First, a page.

Then take a moment to make sure you’re still getting value for money.
Health insurance premiums are set to rise an average of 2.74 per cent from April 1. However, policyholders can be impacted by a premium change above or below the industry average depending on where they live, the type of cover, and their insurer. Premium increases range from 0.5 per cent at St Lukes Medical and Hospital Benefits Association to 5.47 per cent at CBHS Corporate Health Pty Ltd. And with last year’s premium increases only taking effect in October, it may seem like the rises are coming thick and fast.
So what can you do about it?
Paying an excess if you need a hospital stay is one way to reduce your premium. In 2019 some insurers introduced a $750 excess. If you think you can avoid a hospital stay in the next couple of years, opting for a higher excess can lower your premium.
Considering a switch? Basing a decision to switch solely on price may not serve you well. It’s important to run a health check over the benefits, exclusions, and limits of your current policy. And check the impact on benefit waiting periods before switching. When you change funds you’re entitled to keep the waiting periods you’ve already served and receive a refund of any premiums you’ve paid in advance.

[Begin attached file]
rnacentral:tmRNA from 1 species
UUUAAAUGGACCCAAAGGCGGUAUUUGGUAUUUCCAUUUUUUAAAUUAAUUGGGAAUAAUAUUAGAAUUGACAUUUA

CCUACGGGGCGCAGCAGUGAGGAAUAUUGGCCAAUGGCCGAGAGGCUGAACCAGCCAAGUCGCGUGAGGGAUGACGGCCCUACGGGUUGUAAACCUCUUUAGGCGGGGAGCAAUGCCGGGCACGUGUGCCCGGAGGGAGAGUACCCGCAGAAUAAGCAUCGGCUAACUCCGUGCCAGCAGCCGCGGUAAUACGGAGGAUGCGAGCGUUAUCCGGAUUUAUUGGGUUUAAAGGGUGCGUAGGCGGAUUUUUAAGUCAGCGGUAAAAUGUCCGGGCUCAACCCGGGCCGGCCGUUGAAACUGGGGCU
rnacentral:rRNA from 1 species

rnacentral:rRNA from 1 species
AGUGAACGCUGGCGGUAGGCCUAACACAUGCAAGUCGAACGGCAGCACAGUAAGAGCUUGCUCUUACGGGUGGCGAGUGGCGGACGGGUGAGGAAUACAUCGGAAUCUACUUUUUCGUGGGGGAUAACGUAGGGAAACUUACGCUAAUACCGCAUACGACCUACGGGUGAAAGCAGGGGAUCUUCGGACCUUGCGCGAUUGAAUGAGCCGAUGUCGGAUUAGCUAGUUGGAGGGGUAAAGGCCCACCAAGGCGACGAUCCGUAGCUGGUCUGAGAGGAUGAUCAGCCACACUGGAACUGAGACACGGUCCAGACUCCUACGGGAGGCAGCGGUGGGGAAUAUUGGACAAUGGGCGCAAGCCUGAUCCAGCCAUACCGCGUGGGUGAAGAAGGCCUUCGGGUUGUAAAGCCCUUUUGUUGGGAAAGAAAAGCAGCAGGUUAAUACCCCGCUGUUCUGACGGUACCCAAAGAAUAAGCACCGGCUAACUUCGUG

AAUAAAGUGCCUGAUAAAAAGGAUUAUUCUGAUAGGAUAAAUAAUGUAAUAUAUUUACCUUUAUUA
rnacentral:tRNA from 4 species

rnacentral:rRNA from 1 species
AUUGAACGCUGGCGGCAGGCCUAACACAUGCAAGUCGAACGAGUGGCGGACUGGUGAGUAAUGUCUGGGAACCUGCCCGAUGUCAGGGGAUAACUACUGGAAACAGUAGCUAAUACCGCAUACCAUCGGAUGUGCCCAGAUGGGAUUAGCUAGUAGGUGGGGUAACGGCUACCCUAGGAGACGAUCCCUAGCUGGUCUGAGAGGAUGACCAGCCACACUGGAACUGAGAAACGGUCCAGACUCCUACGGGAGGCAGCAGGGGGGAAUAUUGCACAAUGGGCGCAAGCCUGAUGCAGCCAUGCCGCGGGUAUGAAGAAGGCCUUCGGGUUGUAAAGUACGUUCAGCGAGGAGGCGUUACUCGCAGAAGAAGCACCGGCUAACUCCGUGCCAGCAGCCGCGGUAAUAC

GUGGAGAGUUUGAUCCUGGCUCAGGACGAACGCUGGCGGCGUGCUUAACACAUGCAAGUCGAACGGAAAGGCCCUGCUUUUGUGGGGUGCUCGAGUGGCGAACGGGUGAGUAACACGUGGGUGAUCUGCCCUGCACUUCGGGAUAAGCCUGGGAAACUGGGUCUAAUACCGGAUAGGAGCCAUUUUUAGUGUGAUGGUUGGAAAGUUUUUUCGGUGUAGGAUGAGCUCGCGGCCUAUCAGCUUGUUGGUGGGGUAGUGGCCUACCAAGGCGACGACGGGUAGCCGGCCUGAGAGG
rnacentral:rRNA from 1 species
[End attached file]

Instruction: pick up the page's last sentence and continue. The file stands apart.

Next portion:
If you upgrade your cover or change to a policy with a lower excess or gap fees you are likely to have to serve a new waiting period for the difference in cover.
Again, check the fine print. Insurers often offer sign-up bonuses to encourage people to switch at this time of year. They can include waiving two- and six-month waiting periods.
Waiting periods for extras vary. They can be 12 months for major dental services and 36 months for hearing aids. You can claim a once-only waiting period exemption for mental health services. Extras have limits on what you can claim depending on the level of cover. The more comprehensive the cover the higher the limits are likely to be.
Perhaps you can reduce your premium by taking out hospital cover and extras cover with different insurers. The website, privatehealth.gov.au, is one way to check out the full range of hospital cover and extras cover options. Comparison sites can make it easier to check policy features offered by different insurers but they may not include restricted membership options offered by the likes of the defence and education sectors.
Renewing your policy before April 1 is a great way to get round the price hike.
There are other ways to trim your premium. Some insurers offer a discount if you pay by direct debit. Alternatively, check if you can get a corporate discount. Or there may be a youth discount offered for those aged 18-29.
As you can see, it may pay to do a little investigating before simply absorbing this year’s premium increase.